State pension age warning as experts fear system could collapse

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Germany has one of the oldest populations in Europe with 22 percent of its population aged 65 years or older. However, the UK is not far behind with 19 percent of the population aged 65 and older – a figure that is expected to increase to 22 percent in just 10 years’ time.

Under Germany’s current system, the state pension guarantees retirees at least 48 percent of the average wage until 2025.

Its current state pension age is 65, but, similar to the UK, the German Government is in the process of gradually increasing this to 67-years-old.

Rainer Dulger, president of the Confederation of German Employers’ Association, told the Bild am Sonntag newspaper the current system could crash within five years unless the state intervenes.

He said: “For every 100 contributors, there are currently about 50 pensioners; in 15 years, there will be 100 contributors for every 70 pensioners.”

Mr Dulger said the retirement age needs to increase or the current system will not hold up.

He said: “This means that the financing of our pension system is on the verge of collapse.

“The retirement age should be linked to the increase in life expectancy.

“It must not be the case that the further increase in life expectancy leads to an ever longer retirement.”

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The British Government is also in the process of raising the state pension age to 68-years-old but experts here are also warning it may have to rise even further.

Simon Jones, CEO of warned the Government may change its policy as the state pension becomes more expensive to fund.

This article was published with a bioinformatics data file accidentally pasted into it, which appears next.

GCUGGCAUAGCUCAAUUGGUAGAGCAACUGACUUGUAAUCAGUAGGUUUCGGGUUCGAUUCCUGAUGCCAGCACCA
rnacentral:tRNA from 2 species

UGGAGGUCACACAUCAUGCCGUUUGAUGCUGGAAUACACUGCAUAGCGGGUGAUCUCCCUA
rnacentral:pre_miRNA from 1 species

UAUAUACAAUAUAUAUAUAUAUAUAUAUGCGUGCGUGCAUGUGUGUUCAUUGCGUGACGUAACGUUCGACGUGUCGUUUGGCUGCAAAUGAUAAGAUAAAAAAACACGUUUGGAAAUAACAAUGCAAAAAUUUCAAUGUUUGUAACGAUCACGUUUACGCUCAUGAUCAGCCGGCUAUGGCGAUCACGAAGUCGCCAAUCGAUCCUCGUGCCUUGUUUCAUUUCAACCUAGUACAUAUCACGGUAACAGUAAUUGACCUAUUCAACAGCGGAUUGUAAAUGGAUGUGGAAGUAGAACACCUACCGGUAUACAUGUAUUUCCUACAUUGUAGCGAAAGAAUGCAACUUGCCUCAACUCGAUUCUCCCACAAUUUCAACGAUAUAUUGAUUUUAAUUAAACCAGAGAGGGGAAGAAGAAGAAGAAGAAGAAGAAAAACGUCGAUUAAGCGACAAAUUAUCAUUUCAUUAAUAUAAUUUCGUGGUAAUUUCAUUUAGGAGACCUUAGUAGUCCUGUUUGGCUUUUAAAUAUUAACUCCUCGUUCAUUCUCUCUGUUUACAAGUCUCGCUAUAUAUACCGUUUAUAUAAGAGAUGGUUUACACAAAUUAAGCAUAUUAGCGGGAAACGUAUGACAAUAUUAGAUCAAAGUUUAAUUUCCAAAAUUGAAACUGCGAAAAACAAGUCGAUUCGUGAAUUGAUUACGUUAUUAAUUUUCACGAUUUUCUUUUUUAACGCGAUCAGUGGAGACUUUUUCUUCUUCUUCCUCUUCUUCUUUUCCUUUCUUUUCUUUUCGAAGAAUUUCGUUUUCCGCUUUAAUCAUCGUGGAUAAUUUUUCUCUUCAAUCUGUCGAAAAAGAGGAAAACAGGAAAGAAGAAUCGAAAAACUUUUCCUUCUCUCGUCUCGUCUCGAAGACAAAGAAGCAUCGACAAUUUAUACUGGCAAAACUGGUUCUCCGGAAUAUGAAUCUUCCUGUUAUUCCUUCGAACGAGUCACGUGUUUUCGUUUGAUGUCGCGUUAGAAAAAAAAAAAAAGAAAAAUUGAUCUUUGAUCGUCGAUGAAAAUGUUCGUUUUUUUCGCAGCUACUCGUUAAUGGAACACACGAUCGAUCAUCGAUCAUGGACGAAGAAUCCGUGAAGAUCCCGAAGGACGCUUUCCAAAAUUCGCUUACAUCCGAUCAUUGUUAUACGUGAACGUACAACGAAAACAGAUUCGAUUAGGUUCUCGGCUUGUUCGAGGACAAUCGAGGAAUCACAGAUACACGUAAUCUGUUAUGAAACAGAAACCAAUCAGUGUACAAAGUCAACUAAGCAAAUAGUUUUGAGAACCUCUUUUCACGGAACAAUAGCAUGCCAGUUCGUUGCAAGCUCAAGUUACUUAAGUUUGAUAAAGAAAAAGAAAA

He told “The Government currently plans to increase the state pension age from 66 to 67 between 2026 and 2028, and again to 68 between 2044 and 2046.

“Because people are living longer, it’s becoming more expensive every year for the Government to fund the state pension.”

Mr Jones continued: “Because people are living longer, it’s becoming more expensive every year for the Government to fund the state pension.”

Meanwhile, the state pension triple lock under threat again as Prime Minister Rishi Sunak has hinted the pledge will be ditched. 

The triple lock means the state pension should rise in line with whichever is highest of 2.5 percent, wages and inflation.

An poll showed significant concern among readers over the Government’s refusal to commit to the state pension triple lock. 

Former Prime Minister Liz Truss committed to the policy but since Mr Sunak took office last week he is yet to clarify his stance.

The Prime Minister’s press secretary said Chancellor Jeremy Hunt would address the future of the triple lock in his autumn budget on November 17.

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